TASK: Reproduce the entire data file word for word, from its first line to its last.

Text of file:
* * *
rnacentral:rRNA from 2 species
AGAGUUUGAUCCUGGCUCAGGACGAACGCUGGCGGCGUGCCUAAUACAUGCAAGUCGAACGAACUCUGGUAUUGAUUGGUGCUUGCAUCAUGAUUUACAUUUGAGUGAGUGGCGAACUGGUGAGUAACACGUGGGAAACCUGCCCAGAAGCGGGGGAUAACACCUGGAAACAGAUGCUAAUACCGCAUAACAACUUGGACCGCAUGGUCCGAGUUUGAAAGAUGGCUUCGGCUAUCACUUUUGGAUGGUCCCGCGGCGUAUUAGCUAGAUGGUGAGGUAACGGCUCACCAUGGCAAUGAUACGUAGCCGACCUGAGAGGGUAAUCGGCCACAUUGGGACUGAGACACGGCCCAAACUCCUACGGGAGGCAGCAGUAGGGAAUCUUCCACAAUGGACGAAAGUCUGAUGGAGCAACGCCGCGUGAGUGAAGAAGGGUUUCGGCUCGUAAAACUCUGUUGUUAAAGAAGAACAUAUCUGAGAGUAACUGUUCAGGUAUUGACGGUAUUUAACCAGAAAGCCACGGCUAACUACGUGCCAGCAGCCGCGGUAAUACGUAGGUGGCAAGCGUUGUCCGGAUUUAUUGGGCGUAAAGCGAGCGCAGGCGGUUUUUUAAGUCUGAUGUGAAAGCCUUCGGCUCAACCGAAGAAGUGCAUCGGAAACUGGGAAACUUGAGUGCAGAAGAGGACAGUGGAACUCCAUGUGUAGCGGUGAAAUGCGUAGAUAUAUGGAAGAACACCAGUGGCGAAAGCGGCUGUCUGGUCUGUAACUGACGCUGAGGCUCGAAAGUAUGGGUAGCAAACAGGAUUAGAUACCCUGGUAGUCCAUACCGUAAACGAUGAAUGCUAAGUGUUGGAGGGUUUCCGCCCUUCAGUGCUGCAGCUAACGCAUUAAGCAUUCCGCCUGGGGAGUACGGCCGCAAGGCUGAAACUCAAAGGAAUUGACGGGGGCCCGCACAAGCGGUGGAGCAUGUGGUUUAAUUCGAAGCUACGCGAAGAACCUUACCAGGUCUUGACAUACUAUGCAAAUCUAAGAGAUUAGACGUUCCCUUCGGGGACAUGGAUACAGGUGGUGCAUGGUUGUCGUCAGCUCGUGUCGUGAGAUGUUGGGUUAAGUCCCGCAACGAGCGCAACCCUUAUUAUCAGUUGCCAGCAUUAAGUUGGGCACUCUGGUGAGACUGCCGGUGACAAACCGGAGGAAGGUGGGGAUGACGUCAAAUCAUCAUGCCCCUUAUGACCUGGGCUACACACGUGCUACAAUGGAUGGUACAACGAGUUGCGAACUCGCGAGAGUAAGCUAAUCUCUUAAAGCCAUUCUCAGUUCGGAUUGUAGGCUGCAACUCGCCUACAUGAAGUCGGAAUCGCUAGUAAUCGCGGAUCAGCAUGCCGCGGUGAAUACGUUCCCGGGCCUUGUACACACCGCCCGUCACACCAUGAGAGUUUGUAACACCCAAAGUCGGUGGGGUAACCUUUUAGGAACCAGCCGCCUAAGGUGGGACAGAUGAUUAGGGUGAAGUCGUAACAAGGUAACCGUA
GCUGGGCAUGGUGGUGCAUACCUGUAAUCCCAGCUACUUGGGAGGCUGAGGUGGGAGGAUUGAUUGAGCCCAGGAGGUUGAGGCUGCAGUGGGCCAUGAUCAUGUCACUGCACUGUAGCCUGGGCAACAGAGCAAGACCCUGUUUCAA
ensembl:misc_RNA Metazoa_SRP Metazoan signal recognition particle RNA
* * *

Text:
rnacentral:rRNA from 2 species
AGAGUUUGAUCCUGGCUCAGGACGAACGCUGGCGGCGUGCCUAAUACAUGCAAGUCGAACGAACUCUGGUAUUGAUUGGUGCUUGCAUCAUGAUUUACAUUUGAGUGAGUGGCGAACUGGUGAGUAACACGUGGGAAACCUGCCCAGAAGCGGGGGAUAACACCUGGAAACAGAUGCUAAUACCGCAUAACAACUUGGACCGCAUGGUCCGAGUUUGAAAGAUGGCUUCGGCUAUCACUUUUGGAUGGUCCCGCGGCGUAUUAGCUAGAUGGUGAGGUAACGGCUCACCAUGGCAAUGAUACGUAGCCGACCUGAGAGGGUAAUCGGCCACAUUGGGACUGAGACACGGCCCAAACUCCUACGGGAGGCAGCAGUAGGGAAUCUUCCACAAUGGACGAAAGUCUGAUGGAGCAACGCCGCGUGAGUGAAGAAGGGUUUCGGCUCGUAAAACUCUGUUGUUAAAGAAGAACAUAUCUGAGAGUAACUGUUCAGGUAUUGACGGUAUUUAACCAGAAAGCCACGGCUAACUACGUGCCAGCAGCCGCGGUAAUACGUAGGUGGCAAGCGUUGUCCGGAUUUAUUGGGCGUAAAGCGAGCGCAGGCGGUUUUUUAAGUCUGAUGUGAAAGCCUUCGGCUCAACCGAAGAAGUGCAUCGGAAACUGGGAAACUUGAGUGCAGAAGAGGACAGUGGAACUCCAUGUGUAGCGGUGAAAUGCGUAGAUAUAUGGAAGAACACCAGUGGCGAAAGCGGCUGUCUGGUCUGUAACUGACGCUGAGGCUCGAAAGUAUGGGUAGCAAACAGGAUUAGAUACCCUGGUAGUCCAUACCGUAAACGAUGAAUGCUAAGUGUUGGAGGGUUUCCGCCCUUCAGUGCUGCAGCUAACGCAUUAAGCAUUCCGCCUGGGGAGUACGGCCGCAAGGCUGAAACUCAAAGGAAUUGACGGGGGCCCGCACAAGCGGUGGAGCAUGUGGUUUAAUUCGAAGCUACGCGAAGAACCUUACCAGGUCUUGACAUACUAUGCAAAUCUAAGAGAUUAGACGUUCCCUUCGGGGACAUGGAUACAGGUGGUGCAUGGUUGUCGUCAGCUCGUGUCGUGAGAUGUUGGGUUAAGUCCCGCAACGAGCGCAACCCUUAUUAUCAGUUGCCAGCAUUAAGUUGGGCACUCUGGUGAGACUGCCGGUGACAAACCGGAGGAAGGUGGGGAUGACGUCAAAUCAUCAUGCCCCUUAUGACCUGGGCUACACACGUGCUACAAUGGAUGGUACAACGAGUUGCGAACUCGCGAGAGUAAGCUAAUCUCUUAAAGCCAUUCUCAGUUCGGAUUGUAGGCUGCAACUCGCCUACAUGAAGUCGGAAUCGCUAGUAAUCGCGGAUCAGCAUGCCGCGGUGAAUACGUUCCCGGGCCUUGUACACACCGCCCGUCACACCAUGAGAGUUUGUAACACCCAAAGUCGGUGGGGUAACCUUUUAGGAACCAGCCGCCUAAGGUGGGACAGAUGAUUAGGGUGAAGUCGUAACAAGGUAACCGUA
GCUGGGCAUGGUGGUGCAUACCUGUAAUCCCAGCUACUUGGGAGGCUGAGGUGGGAGGAUUGAUUGAGCCCAGGAGGUUGAGGCUGCAGUGGGCCAUGAUCAUGUCACUGCACUGUAGCCUGGGCAACAGAGCAAGACCCUGUUUCAA
ensembl:misc_RNA Metazoa_SRP Metazoan signal recognition particle RNA